LOS ANGELES (AP) -- Calories. Nutrients. Serving size. How about "produced with genetic engineering?"
California voters will soon decide whether to require certain raw and processed foods to carry such a label.
In a closely watched test of consumers’ appetite for genetically modified foods, the special label is being pushed by organic farmers and advocates who are concerned about what people eat even though the federal government and many scientists contend such foods are safe.
More than just food packaging is at stake. The outcome could reverberate through American agriculture, which has long tinkered with the genes of plants to reduce disease, ward off insects and boost the food supply.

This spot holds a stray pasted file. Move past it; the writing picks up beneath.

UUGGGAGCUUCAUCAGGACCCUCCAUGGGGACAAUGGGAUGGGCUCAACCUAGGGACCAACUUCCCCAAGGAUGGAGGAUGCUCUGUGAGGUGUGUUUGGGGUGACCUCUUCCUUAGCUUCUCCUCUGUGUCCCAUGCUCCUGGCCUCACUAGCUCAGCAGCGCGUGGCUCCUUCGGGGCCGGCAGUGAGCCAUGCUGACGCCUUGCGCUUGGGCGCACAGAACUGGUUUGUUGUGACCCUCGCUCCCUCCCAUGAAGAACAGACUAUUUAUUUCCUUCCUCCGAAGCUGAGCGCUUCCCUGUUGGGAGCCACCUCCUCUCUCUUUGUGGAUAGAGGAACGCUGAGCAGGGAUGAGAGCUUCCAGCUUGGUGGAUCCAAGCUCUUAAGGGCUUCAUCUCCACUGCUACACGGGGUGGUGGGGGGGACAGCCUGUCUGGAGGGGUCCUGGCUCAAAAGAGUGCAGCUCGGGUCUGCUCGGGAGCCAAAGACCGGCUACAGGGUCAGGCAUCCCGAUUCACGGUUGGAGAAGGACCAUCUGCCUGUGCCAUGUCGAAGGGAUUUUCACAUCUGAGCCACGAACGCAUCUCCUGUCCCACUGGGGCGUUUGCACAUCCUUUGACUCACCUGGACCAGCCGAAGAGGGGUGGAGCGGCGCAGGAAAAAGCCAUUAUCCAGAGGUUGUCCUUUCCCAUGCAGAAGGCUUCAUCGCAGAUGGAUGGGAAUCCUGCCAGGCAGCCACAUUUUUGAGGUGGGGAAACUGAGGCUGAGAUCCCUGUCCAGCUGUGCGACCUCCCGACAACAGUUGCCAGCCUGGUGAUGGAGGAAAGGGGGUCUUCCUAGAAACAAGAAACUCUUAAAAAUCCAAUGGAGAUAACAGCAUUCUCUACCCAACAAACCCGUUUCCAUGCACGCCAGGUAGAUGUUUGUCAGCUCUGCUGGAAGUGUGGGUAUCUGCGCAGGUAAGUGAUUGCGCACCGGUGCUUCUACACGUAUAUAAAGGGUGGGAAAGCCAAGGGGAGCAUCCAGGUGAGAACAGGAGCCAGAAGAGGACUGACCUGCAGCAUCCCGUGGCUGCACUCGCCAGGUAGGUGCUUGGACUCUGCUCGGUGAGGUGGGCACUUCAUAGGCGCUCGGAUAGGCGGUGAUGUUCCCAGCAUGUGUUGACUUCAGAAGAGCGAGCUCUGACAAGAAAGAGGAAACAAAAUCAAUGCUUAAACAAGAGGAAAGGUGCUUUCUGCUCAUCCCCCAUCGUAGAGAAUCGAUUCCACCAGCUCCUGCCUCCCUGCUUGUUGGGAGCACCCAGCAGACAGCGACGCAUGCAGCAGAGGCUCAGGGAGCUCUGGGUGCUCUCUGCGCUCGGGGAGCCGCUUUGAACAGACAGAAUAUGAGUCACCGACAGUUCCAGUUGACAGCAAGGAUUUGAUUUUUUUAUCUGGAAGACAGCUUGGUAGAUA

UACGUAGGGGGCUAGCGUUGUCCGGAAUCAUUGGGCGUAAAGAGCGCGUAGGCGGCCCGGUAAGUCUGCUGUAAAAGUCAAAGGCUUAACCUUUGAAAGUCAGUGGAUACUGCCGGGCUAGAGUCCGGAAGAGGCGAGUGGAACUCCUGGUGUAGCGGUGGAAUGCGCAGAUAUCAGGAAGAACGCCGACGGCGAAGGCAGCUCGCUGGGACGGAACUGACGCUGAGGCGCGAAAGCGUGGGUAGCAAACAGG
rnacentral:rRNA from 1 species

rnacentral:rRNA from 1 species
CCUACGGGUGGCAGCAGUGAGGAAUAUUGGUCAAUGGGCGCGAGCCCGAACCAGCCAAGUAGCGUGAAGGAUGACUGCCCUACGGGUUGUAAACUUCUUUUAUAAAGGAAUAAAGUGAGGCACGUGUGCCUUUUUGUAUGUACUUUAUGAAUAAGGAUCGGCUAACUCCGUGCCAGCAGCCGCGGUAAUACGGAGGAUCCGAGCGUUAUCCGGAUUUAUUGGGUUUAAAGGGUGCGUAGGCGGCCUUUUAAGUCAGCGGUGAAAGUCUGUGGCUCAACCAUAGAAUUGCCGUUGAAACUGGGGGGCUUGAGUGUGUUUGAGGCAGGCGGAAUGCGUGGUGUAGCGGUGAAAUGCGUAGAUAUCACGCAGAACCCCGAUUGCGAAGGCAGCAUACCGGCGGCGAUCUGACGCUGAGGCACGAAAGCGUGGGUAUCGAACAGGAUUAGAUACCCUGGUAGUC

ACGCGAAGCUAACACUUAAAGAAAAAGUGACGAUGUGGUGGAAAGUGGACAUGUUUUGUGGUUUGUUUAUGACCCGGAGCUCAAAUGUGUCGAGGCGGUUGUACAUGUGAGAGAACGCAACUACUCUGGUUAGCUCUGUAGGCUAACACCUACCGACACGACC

International food and chem ical companies, including Monsanto Co. and DuPont Co., have contributed about $35 million to defeat Pro position 37 on the No vember ballot. It also would ban labeling or advertising genetically altered food as "natural."
If voters approve the initiative, California would become the first state to require disclosure of a broad range of foods containing genetically modified organisms, or GMOs. Food makers would have to add a label or reformulate their products to avoid it. Supermarkets would be charged with making sure their shelves are stocked with correctly labeled items.